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IBEW Women’s Caucus Challenges Members to Break Boundaries

September 16, 2011

IBEW Women’s Caucus Challenges Members to Break Boundaries

A border is more than just a line between states or countries, says Carolyn Williams, director of the IBEW Human Services Department. A border can be a personal boundary – something that holds you back, separates you from someone else or lets you know where the end of your comfort zone lies.

So it was fitting that the theme of the IBEW’s 6th Women’s Caucus was “Sisters in Solidarity: Leadership Beyond Borders” Friday morning at the Hyatt Regency hotel in Vancouver, as part of pre-convention activities before Monday’s convention opening. Hundreds of attendees – including veteran activists and members of the young workers delegation – were encouraged to transcend their own boundaries and work collectively to be effective change-makers in their locals and communities. Said Williams:

Individual talent is great, but by sharing our common interests, strengths and abilities, we achieve a greater sense of unity. That way, we genuinely prosper.

International President Edwin D. Hill highlighted some of the gains that women have made in the labor force and in the movement. “Right now women comprise about 45 percent of union membership in the United States,” Hill said, to vigorous applause:

We all know that organizing is one of the best ways to raise the living standard of working families. It’s also one of the best ways to right some of the wrongs in both our nations, where women have historically been paid less than men for their work. That gap is closing – however slowly – but it isn’t going to be narrowed by accident or by the good graces of employers. It will be closed by our activism.

Hill also engaged attendees in a thoughtful question-and-answer session, where members discussed ways to boost women and minority leadership, as well as the possibility of expanding newer programs like the union’s diversity and inclusion training to the wider membership.

The centerpiece of the caucus was a presentation by Amber Hockin, director of the Canadian Labor Congress for the Pacific region. Hockin began her labor career as an activist in the Canadian Union of Public Employees as a flight attendant. She joined the CLC in the 1990s and has been an officer for the B.C. Federation of Labor and the Yukon Federation of Labor. An advocate in areas of health and safety, accessible child care for women workers and labor activism training, she is the first woman director at the 3.2-million-member CLC, the Canadian equivalent of the U.S.’ AFL-CIO.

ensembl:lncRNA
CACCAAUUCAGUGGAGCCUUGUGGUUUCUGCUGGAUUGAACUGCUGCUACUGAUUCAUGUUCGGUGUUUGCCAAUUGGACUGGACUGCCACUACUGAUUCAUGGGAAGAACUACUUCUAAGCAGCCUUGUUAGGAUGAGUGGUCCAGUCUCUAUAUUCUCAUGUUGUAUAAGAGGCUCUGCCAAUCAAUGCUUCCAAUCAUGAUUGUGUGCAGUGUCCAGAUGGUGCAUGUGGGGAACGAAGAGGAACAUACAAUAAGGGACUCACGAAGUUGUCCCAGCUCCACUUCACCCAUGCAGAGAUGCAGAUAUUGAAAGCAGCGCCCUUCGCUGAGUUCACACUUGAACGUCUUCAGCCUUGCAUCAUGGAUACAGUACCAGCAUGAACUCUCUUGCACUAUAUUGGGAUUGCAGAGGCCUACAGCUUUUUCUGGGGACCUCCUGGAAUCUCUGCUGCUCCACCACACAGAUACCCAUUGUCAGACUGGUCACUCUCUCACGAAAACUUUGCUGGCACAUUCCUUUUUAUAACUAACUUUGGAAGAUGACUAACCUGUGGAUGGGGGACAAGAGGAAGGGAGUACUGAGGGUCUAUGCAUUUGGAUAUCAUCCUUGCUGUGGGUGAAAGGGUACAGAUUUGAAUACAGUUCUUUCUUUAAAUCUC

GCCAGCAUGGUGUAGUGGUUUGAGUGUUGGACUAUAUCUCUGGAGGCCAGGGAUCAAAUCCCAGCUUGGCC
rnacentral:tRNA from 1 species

When Hockin was in her mid-20s, her union’s airline division president asked her to be a political lobbyist in Ottawa. Hesitant about the job but also curious, Hockin said:

I could do it, but there was a barrier. I had small children. I would be moving away from the child care provider I knew and trusted. And I needed to know that while I was at work, my children were in a safe, nurturing learning environment. The union removed the barrier for me, and paid for full-time unionized child care in an early learning center.

There are many barriers to participation that women in the labor movement face. Structural barriers. Family responsibilities. Traditional stereotypes. But there are also leaders within our movement who know how to use their position to create space for women, because it’s good for the movement.

Hockin said the IBEW has many of examples of ways that unions can take positive steps toward inclusion for all members:

The IBEW has taken great steps already in terms of promoting women and equity-seeking groups within the organization. I think that continuing to make space for these groups as they take on stronger roles is important.

Other presentations included a lecture and slide show by scholar Brigid O’Farrell, author of the book “She Was One of Us: Eleanor Roosevelt and the American Worker.” The caucus was capped with a panel discussion moderated by IBEW Education Department Director Jan Schwingshakl. Panelists included Jennifer Gray, shop steward with Vacaville, Calif., Local 1245; Bridget Hall, executive board member of Dublin, Calif., Local 595; Betty Rolleston, business manager of Saskatoon, Saskatchewan, Local 319; and Juanita Luiz, International Representative for the Political Department.

Many of the panelists spoke about their own experiences of stepping into new leadership positions. Said Luiz:

When we have opportunities, we need to make sure we don’t shortchange ourselves. All of us have more inside of us than we may think we do.

In her closing remarks, Sherilyn Wright, executive assistant to the International President Hill, urged attendees to raise the bar for their own achievement:

The person asking you to move into a new role already knows you can do it … Everyone in this room is a leader, many elected by the members in your local to represent them this week at the convention. And to the young worker delegates, don’t forget that someone in a leadership position sees something in you and made the investment for you to be here.

The diverse crowd – including many men, as well as veteran activists and younger workers – signaled agreement with the elected and appointed leaders’ refrain: that working from within any organization is the path to real progress. Said Schwingshakl:

You’ve got to get involved in the process. It’s the only way positive change is going to happen.

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